September 14, 2010

Notebook: Tressel updates Bucks

COLUMBUS, Ohio - Usually it takes after Ohio State head coach Jim Tressel's opening statement in his weekly press conference before getting to the injury report.



But with a significant injury to starting safety C.J. Barnett in the Buckeyes' win over Miami on Saturday afternoon in the Horseshoe, Tressel got right too it. And the news wasn't good for the Buckeye defense.



"We unfortunately lost C. J. Barnett probably for the season, and C. J. was really playing well," Tressel said Tuesday. "He took advantage of an opportunity in preseason to get a lot of reps when Orhian Johnson had a calf pull and really did well.



"We thought played very well through the first game and three quarters," Tressel continued. "Unfortunately, I think today he'll be having surgery and probably won't have him the rest of the year. Other than that, we should get everyone back."



Johnson was expected during the course of fall camp to be the starting strong safety for the Buckeyes, but after missing a considerable amount of time with injury, Barnett stepped in and won the job.



After Barnett's injury on Saturday it was Johnson that finished the rest of the fourth quarter. However, Tressel said it won't be just Johnson helping the Buckeyes fill in for Barnett.



Barnett was playing well against the Hurricanes and even landed a big hit on Miami standout receiver Leonard Hankerson before falling victim to the knee injury in the second.



Johnson "and Aaron Gant I'm trying to think, and Zach Domicone," Tressel said, "that would probably be the three guys that would figure in on trying to fill the gap for C.J."



The Buckeyes got back defensive end Nathan Williams, who had missed a month during the preseason with a strained knee. Tressel said there are no ill effects for Williams after the Miami game.



"He came out health-wise great. I think he played about 30 snaps," Tressel said. "We were thinking he might play 20, 22, so he exceeded our expectations there and played well, played with a lot of burst. I'd like to think he'll do nothing but get stronger as time goes here."



New personnel considered for special teams



As Miami's Lamar Miller was on his way to the end zone during his 88-yard kickoff return for a touchdown, Tressel sported a look of disgust. Unfortunately for Tressel, but kickoff returns haven't been out of the norm for the Buckeyes' opponents.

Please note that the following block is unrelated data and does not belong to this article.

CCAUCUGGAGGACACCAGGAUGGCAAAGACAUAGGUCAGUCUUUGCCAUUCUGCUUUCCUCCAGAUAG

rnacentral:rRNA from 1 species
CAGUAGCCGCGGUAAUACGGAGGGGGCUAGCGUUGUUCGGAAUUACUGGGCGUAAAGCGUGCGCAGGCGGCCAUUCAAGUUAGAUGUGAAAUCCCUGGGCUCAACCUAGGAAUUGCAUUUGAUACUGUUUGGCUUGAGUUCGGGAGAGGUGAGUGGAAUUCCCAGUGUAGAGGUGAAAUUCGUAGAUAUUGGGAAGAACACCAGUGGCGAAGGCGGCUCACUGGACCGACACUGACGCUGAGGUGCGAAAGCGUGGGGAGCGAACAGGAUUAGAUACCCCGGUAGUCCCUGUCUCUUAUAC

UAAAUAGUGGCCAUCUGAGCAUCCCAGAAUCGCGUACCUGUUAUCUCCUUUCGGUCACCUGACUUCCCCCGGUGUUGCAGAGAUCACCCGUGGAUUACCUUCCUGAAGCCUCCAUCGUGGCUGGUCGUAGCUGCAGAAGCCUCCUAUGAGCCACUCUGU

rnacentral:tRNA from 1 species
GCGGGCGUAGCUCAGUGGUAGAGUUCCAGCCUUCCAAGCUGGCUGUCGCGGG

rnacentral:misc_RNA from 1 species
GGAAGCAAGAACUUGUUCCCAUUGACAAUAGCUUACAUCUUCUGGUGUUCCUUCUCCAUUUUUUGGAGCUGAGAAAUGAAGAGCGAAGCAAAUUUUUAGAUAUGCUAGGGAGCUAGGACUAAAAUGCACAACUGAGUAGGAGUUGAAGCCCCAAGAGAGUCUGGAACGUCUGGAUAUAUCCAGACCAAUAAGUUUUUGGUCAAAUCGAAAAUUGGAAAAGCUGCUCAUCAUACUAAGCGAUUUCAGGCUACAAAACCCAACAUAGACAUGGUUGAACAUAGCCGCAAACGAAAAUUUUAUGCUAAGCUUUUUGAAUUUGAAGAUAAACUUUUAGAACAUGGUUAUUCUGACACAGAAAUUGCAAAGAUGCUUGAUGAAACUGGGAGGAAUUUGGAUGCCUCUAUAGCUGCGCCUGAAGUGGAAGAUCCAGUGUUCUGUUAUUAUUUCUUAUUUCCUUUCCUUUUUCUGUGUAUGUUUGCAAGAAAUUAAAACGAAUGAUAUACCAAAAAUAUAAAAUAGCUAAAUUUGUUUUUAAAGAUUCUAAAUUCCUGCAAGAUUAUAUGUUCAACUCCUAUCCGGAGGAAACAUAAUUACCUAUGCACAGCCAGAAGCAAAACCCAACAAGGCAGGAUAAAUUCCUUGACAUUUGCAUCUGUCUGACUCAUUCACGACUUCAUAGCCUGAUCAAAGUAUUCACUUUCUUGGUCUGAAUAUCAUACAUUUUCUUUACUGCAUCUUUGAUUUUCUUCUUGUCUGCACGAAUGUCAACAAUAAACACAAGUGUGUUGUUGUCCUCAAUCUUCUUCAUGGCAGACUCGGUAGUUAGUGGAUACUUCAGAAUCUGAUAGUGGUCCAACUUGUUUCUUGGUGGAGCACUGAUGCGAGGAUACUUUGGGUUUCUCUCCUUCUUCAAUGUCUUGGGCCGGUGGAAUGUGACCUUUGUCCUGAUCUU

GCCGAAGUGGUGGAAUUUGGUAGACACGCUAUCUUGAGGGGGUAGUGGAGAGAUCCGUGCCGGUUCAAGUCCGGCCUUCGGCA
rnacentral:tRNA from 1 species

Tressel was seemingly frustrated after the game when speaking about the play - which was only one of two returns taken back for scores by the Hurricanes in the game.



After watching the film, Tressel has been able to identify part of the problem the Buckeyes are having on their kickoff coverage team.



"There are different spots on the field where technique has to change," Tressel said. "The first half of the kickoff, for instance, you can avoid (blockers) and get back in your lane. When you get to the second half of the kickoff, you can't avoid and in all three long kickoff returns, our two and their one, there were people in the second half of the play going around blocks, avoiding as opposed to taking on blocks and holding gap integrity and so forth. So what can you do? You can do it right, just like any other play."



While Tressel will never turn his back on putting the best players on the field, the head coach said he feels the importance of using his depth to his advantage by getting fresh players into the game.



However, the coach did maintain they might be retooling their personnel this week for the kickoff coverage unit. Adding players from the starting units, Tressel said, could be a possibility.



"I think if you have depth and you get to play a lot of guys at various positions, then you're more apt to use guys from the starting rotations more," Tressel said.



Team notes



  • Tressel said the team had not considered taking the redshirt off of Etienne Sabino for his help on special teams coverage units.



  • Three guys graded out with winning performances on defense and five did on offense. Justin Boren graded an 86 percent, which is the best score he has received during his time at Ohio State.



  • Starting defensive end Nathan Williams is doing very well health-wise. Tressel said they wanted him to play in the area of 22 plays and he ended up playing 30. He surpassed the expectations and could be back in a full capacity game-time wise next weekend.



  • Despite being named the team's offensive player of the week, starting quarterback Terrelle Pryor did not grade out a winning performance.



  • Ohio State has won 41 consecutive games against in-state opponents. Tressel doesn't care. He said in 2002 one catch in the back of the end zone for Cincinnati, an in-state foe, and the Buckeyes may not have an important ring in their trophy case.




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